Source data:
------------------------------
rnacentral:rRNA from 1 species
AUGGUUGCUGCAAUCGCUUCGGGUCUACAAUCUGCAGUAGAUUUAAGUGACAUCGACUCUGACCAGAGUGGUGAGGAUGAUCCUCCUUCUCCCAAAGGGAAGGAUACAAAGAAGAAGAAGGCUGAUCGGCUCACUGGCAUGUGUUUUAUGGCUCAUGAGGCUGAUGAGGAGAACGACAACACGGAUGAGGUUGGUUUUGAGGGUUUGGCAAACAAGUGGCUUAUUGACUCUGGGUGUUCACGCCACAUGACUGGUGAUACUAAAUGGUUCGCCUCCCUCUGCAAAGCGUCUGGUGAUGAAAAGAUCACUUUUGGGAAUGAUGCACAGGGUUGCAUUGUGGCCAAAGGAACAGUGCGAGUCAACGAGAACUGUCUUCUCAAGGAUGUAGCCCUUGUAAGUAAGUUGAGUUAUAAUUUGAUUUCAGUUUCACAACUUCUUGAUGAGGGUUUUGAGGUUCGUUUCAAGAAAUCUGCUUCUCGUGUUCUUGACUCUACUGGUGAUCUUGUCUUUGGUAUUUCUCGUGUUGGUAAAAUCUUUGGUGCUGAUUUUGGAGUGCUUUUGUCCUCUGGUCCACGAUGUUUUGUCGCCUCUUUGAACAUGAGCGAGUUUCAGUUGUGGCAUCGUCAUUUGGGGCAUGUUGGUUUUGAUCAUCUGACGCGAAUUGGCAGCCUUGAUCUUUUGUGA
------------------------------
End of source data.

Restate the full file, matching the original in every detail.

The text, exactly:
rnacentral:rRNA from 1 species
AUGGUUGCUGCAAUCGCUUCGGGUCUACAAUCUGCAGUAGAUUUAAGUGACAUCGACUCUGACCAGAGUGGUGAGGAUGAUCCUCCUUCUCCCAAAGGGAAGGAUACAAAGAAGAAGAAGGCUGAUCGGCUCACUGGCAUGUGUUUUAUGGCUCAUGAGGCUGAUGAGGAGAACGACAACACGGAUGAGGUUGGUUUUGAGGGUUUGGCAAACAAGUGGCUUAUUGACUCUGGGUGUUCACGCCACAUGACUGGUGAUACUAAAUGGUUCGCCUCCCUCUGCAAAGCGUCUGGUGAUGAAAAGAUCACUUUUGGGAAUGAUGCACAGGGUUGCAUUGUGGCCAAAGGAACAGUGCGAGUCAACGAGAACUGUCUUCUCAAGGAUGUAGCCCUUGUAAGUAAGUUGAGUUAUAAUUUGAUUUCAGUUUCACAACUUCUUGAUGAGGGUUUUGAGGUUCGUUUCAAGAAAUCUGCUUCUCGUGUUCUUGACUCUACUGGUGAUCUUGUCUUUGGUAUUUCUCGUGUUGGUAAAAUCUUUGGUGCUGAUUUUGGAGUGCUUUUGUCCUCUGGUCCACGAUGUUUUGUCGCCUCUUUGAACAUGAGCGAGUUUCAGUUGUGGCAUCGUCAUUUGGGGCAUGUUGGUUUUGAUCAUCUGACGCGAAUUGGCAGCCUUGAUCUUUUGUGA